The United States dollar (sign: $; code: USD; also abbreviated US$ and referred to as the dollar, U.S. dollar, or American dollar) is the official currency of the United States and its insular territories per the United States Constitution. It is divided into 100 smaller cent (¢) units. The circulating paper money consists of Federal Reserve Notes that are denominated in United States dollars (12 U.S.C. § 418). The U.S. dollar is commodity money of silver as enacted by the Coinage Act of 1792 which determined the dollar to be 371 4/16 grain (24.1 g) pure or 416 grain (27.0 g) standard silver. It is the currency most used in international transactions and is the world's primary reserve currency. Several countries use it as their official currency, and in many others it is the de facto currency. Besides the United States, it is also used as the sole currency in two British Overseas Territories in the Caribbean: the British Virgin Islands and Turks and Caicos Islands. A few countries only use the Federal Reserve Notes for paper money, while the country mints its own coins, or also accepts U.S. coins that can be used as payment in U.S. dollars, such as the Susan B. Anthony dollar. After Nixon shock of 1971, USD became fiat currency.
GBP British Pound exchange rates
The pound sterling (symbol: £; ISO code: GBP [Great Britain Pound]), commonly known as the pound, is the official currency of the United Kingdom, Jersey, Guernsey, the Isle of Man, South Georgia and the South Sandwich Islands, the British Antarctic Territory, and Tristan da Cunha. It is subdivided into 100 pence (singular: penny, abbreviated: p). A number of nations that do not use sterling also have currencies called the pound. At various times, the pound sterling was commodity money or bank notes backed by silver or gold, but it is currently fiat money, backed only by the economy in the areas where it is accepted. The pound sterling is the world's oldest currency still in use and which has been in continuous use since its inception. The British Crown dependencies of Guernsey and Jersey produce their own local issues of sterling: the "Guernsey pound" and the "Jersey pound". The pound sterling is also used in the Isle of Man (alongside the Manx pound), Gibraltar (alongside the Gibraltar pound), the Falkland Islands (alongside the Falkland Islands pound), Saint Helena and Ascension Island in Saint Helena, Ascension and Tristan da Cunha (alongside the Saint Helena pound). The Bank of England is the central bank for the pound sterling, issuing its own coins and banknotes, and regulating issuance of banknotes by private banks in Scotland and Northern Ireland. Banknotes issued by other jurisdictions are not regulated by the Bank of England; local governments use Bank of England notes as backing for local issuance by allowing them to be exchanged 1:1 at face value. Sterling is the fourth most-traded currency in the foreign exchange market, after the United States dollar, the euro, and the Japanese yen. Together with those three currencies it forms the basket of currencies which calculate the value of IMF special drawing rights, with an 11.3% weighting as of 2011 (USD 41.9%, Euro 37.4%, Yen 9.4%). Sterling is also the third most-held reserve currency in global reserves (about 4%).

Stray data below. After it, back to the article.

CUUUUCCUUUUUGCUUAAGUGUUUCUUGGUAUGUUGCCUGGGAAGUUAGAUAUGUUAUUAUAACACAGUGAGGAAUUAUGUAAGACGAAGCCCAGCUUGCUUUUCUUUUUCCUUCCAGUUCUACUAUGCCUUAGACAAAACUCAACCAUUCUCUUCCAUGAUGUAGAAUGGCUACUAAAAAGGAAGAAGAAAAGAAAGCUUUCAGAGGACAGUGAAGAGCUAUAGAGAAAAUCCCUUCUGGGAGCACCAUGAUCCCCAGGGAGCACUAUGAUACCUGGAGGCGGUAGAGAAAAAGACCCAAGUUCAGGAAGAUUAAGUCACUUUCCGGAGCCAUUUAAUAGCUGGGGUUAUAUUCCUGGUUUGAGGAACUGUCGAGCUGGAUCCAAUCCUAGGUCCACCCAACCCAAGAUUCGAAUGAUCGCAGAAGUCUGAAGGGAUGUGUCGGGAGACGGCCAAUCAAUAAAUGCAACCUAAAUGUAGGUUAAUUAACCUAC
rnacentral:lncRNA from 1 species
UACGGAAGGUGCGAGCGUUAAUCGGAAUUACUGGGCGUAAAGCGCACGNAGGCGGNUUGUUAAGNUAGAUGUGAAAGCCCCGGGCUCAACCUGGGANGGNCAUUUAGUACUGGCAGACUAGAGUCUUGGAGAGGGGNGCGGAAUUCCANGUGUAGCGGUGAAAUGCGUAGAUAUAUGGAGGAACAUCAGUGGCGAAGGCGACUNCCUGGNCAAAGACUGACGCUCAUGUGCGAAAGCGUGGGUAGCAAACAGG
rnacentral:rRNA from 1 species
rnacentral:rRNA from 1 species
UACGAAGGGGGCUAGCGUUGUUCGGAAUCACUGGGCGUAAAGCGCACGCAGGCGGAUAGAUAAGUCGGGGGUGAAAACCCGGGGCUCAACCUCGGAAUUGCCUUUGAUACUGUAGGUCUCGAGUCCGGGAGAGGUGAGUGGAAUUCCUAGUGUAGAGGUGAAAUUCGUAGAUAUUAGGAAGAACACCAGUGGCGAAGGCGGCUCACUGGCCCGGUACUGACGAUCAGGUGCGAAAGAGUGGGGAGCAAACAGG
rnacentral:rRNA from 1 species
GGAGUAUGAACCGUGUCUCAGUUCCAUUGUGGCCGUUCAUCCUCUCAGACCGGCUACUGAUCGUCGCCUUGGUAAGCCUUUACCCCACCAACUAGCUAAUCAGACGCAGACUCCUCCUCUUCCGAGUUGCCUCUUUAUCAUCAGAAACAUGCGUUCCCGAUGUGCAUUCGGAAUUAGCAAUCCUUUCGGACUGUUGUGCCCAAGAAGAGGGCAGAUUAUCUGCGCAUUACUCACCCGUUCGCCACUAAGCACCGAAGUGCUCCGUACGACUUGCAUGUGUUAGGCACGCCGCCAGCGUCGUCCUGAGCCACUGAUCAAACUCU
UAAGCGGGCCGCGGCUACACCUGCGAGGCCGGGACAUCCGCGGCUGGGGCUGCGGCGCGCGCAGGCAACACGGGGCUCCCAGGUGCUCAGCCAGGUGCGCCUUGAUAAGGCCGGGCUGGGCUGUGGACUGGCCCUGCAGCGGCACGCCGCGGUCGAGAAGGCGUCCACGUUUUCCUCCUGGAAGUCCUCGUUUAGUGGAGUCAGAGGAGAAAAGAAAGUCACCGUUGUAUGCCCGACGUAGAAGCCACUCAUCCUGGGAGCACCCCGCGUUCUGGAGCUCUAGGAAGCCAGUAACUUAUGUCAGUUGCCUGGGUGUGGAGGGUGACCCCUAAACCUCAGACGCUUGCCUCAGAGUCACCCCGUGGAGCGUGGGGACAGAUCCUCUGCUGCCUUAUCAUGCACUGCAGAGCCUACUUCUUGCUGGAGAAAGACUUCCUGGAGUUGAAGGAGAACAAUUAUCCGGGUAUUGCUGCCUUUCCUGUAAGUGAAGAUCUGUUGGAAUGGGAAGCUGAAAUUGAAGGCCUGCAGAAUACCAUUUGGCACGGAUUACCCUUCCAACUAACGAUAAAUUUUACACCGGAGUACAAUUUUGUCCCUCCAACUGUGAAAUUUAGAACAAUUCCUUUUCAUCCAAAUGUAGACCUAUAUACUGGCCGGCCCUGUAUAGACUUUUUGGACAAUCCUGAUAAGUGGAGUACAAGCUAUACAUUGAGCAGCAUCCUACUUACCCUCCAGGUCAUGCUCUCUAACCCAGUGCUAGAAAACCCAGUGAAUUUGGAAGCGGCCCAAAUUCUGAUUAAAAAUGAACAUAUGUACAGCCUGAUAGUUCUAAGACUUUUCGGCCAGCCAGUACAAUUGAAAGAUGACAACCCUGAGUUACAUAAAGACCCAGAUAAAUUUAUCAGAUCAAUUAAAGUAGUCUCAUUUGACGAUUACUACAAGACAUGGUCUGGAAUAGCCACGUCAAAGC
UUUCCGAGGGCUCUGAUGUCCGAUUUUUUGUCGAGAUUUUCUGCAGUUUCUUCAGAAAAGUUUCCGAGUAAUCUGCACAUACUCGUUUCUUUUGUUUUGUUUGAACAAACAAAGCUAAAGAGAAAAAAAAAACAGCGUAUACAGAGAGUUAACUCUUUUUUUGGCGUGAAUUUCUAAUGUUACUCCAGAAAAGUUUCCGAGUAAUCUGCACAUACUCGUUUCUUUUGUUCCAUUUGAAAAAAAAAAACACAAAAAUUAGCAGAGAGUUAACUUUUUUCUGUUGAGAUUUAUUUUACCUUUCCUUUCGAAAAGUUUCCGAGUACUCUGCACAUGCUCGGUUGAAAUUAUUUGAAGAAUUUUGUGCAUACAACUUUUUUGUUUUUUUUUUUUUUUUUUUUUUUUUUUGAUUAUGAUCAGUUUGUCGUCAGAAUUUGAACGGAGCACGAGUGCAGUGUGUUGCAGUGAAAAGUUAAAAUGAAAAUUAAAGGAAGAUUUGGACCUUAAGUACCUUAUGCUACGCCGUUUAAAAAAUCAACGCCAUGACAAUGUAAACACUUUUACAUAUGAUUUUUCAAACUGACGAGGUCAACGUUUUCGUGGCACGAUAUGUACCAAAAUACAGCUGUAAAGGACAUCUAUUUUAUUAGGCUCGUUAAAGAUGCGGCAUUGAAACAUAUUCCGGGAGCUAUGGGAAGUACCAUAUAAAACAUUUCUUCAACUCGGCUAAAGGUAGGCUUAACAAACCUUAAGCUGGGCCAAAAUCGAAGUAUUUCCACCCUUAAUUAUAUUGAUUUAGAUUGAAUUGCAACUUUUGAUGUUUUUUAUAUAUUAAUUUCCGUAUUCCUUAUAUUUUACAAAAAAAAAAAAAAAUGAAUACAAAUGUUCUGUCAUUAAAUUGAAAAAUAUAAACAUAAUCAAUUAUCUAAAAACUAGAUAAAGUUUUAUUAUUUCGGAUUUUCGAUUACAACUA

The 1 USD to GBP mid market rate, (a.k.a 1 US Dollar to British Pound mid market rate) is derived from the mid-point between the "buy" and "sell" rates from global currency markets.
USD US Dollar to GBP British Pound exchange rate chart analysis
A market-based 1 USD to GBP exchange rate will change whenever the values of either of the two component currencies change (In this case, it's 1 US Dollar and British Pound). US Dollar will tend to become more valuable whenever demand for it is greater than the available supply. US Dollar will become less valuable whenever demand is less than available supply (this does not mean people no longer want money, it just means they prefer holding their wealth in some other form, possibly another currency).
USD US Dollar to GBP British Pound news trends analysis
US Dollar does not have news for trends analysis.
British Pound does not have news for trends analysis.
USD US Dollar to GBP British Pound Wikipedia trends analysis
Wikipedia trends analysis
Wikipedia trends analysis
USD US Dollar to GBP British Pound Google trends analysis
US Dollar does not have a Google keyword for analysis.
British Pound does not have a Google keyword for analysis.
Disclamer: USD US Dollar to GBP British Pound converter is provided to give you some guidence about how to convert USD US Dollar to GBP British Pound into other currencies based on the exchange rates today. You might need to find local forex traders to do the actual conversion.
USD US Dollar vs GBP British Pound ratings
Disclamer: USD US Dollar vs GBP British Pound ratings are calculated by comparing USD US Dollar and GBP British Pound's influence on Google, Wikipedia, Youtube, Twitter, Instagram and Facebook with other currencies in the world. Generally speaking, the bigger the hexagon is, the higher USD US Dollar vs GBP British Pound ratings should be on the internet!